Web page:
“B.A”. Baracus – The Muscle
When all else fails, sometimes you need to bring the pain and, to do that, you are going to need some Muscle. “B.A”. pities the fool who takes NO for an answer. At the negotiations table, people often have a tendency to stop when they first hear that word. If you want to maximize the result of your negotiation, be sure to bring your “B.A”.; his role on the mission is to handle challenging topics like price. Just make sure that you have enough ammo (fact-based analysis) to give him the confidence to negotiate aggressively.

While supporting our client through their negotiations with a major Hotel chain, both parties were far apart on price. The hotel representative continually stated that the room rates offered were the best they could do and insisted that they did not have visibility into our client’s historic spend and stay volume. Armed with analysis, our “B.A”. presented the client’s historic data and proved more aggressive pricing was warranted if the chain desired to keep the business. As a result of providing proper ammo and “B.A’s” inability to take no for an answer, an incremental 15% savings was achieved.

“Howling Mad” Murdock – The Unconventionalist
In many circumstances, it is impossible for a sourcing professional to know as much about the category in question as the subject matter expert they are supporting. In these circumstances, do not be afraid to bring in “Howling Mad” Murdock, your subject matter expert, to help you develop a creative approach and gain credibility as a result of their knowledge. Since some subject matter experts may not be experienced in negotiations, it is valuable to conduct a preparation session with the individual in order to gain alignment on the objective; if you just turn them loose, you never know what may happen.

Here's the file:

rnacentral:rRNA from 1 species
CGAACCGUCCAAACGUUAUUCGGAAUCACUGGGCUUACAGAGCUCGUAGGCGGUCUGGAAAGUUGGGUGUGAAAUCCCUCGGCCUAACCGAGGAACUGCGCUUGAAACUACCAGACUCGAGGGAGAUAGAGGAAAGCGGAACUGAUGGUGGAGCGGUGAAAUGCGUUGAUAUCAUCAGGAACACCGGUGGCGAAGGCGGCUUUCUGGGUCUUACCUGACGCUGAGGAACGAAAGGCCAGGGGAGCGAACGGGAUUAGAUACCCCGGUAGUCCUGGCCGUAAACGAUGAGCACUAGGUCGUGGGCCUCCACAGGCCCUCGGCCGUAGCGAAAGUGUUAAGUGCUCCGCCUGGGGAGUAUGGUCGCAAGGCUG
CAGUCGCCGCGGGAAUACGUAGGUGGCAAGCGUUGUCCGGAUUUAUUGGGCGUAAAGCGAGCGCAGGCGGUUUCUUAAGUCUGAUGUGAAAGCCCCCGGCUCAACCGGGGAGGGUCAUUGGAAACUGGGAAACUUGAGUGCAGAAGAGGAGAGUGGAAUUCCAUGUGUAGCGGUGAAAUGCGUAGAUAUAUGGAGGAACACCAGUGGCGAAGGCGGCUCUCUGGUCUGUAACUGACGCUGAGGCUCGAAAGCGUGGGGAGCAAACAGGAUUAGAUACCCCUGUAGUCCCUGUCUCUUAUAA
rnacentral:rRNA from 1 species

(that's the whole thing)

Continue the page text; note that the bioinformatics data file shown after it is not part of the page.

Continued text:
During the course of lengthy negotiations between our client and HVAC providers, progress was at a standstill. Our client was facing an increase in equipment pricing from all engaged providers. Out of conventional options, our “Howling Mad” Murdock saw an opportunity to expand the scope of the negotiations and bring HVAC services into the mix. By combining equipment and services, our client was able to contract with a single supplier for all their needs and realize 20% in savings.

Hannibal – The Tactician